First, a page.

Change is a dreaded word in many work places. They may be associated with fads, change of management, new processes that make our jobs harder, etc. But sometimes – when adopting Agile for example – change is something that helps us all and our customers! How can we help teams, especially teams with a long experience in pre-agile methods, to change and adopt Agile? Jac shares with us the Lego Scrum game and how that helped him bring a new hope to an old organization.
About Jac Hughes
Jac is a scrum master who has a passion to help teams become empowered, autonomous but mostly importantly productive. Jac has served 7 years in the Royal Navy before moving into the world of IT.
As Jac puts it: “it was a dream to have the whole team co-located”. But invariably, as Scrum Masters, we will face distributed teams. So we must prepare for those teams. There are many possible problems. The lack of interaction, the cultural expectations in different countries, the problems with the remote meeting technology. How are we to prepare to handle these challenges? Jac explores the topic and shares his experience on working well with distributed teams.
About Jac Hughes
Jac is a scrum master who has a passion to help teams become empowered, autonomous but most importantly productive. Jac has served 7 years in the Royal Navy before moving into the world of IT.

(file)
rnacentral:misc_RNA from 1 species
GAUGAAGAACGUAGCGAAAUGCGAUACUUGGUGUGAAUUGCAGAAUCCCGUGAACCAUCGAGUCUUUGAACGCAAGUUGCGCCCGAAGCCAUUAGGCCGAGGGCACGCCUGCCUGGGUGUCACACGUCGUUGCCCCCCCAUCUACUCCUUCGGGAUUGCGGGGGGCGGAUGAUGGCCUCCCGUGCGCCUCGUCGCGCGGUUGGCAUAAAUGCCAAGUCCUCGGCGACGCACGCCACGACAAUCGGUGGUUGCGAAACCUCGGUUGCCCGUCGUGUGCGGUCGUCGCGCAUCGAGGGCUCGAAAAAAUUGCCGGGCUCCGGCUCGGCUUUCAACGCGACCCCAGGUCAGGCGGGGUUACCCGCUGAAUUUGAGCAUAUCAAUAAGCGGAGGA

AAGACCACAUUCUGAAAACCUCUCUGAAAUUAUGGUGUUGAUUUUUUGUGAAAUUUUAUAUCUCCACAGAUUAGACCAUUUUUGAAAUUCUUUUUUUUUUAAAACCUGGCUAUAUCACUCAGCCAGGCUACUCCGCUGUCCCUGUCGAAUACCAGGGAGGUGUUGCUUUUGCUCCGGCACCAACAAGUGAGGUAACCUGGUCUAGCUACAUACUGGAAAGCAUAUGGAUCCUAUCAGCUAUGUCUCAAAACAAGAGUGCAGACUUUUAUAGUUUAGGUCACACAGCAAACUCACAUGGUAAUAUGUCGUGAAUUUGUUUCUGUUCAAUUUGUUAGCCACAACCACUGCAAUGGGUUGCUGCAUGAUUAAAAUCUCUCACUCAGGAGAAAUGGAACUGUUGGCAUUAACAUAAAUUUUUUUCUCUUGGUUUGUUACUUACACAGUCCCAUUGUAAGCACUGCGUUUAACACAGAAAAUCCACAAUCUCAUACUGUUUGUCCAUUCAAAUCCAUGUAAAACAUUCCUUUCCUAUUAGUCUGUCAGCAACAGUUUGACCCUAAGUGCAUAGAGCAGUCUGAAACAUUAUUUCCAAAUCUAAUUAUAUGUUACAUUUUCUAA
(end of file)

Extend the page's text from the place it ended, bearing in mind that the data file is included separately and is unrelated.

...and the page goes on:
As Balazs puts it, you don’t expect public sector organizations to be the most Agile organizations ever. However, if you do things right – like Balazs shares with us in this episode – you can make a big impact with relatively small changes. In this episode Balazs shares how he was able to help a team go from ineffective and long daily meetings to sharp, clear and quick daily meetings.
About Balazs Tatár
Balazs is a technical project manager, working for the European Commission in Brussels, Belgium. Currently he plays the Scrum Master role in a support team of one of the biggest web project at the European Commission. He is a former technical lead and fan of open source technologies.
How do you turn around a ship that is going south? When people leave quickly, you don’t even keep the little knowledge gathered in the team. Just like in our organizations today, the Santa Fe was losing key people and suffered from very low morale. This was the moment when Retired Captain David Marquet entered the ship. The Santa Fe was about to change, and Captain Marquet shares with us the key moments in that story as well as very practical tools you can use as a Scrum Master to help your team go from follower to leader.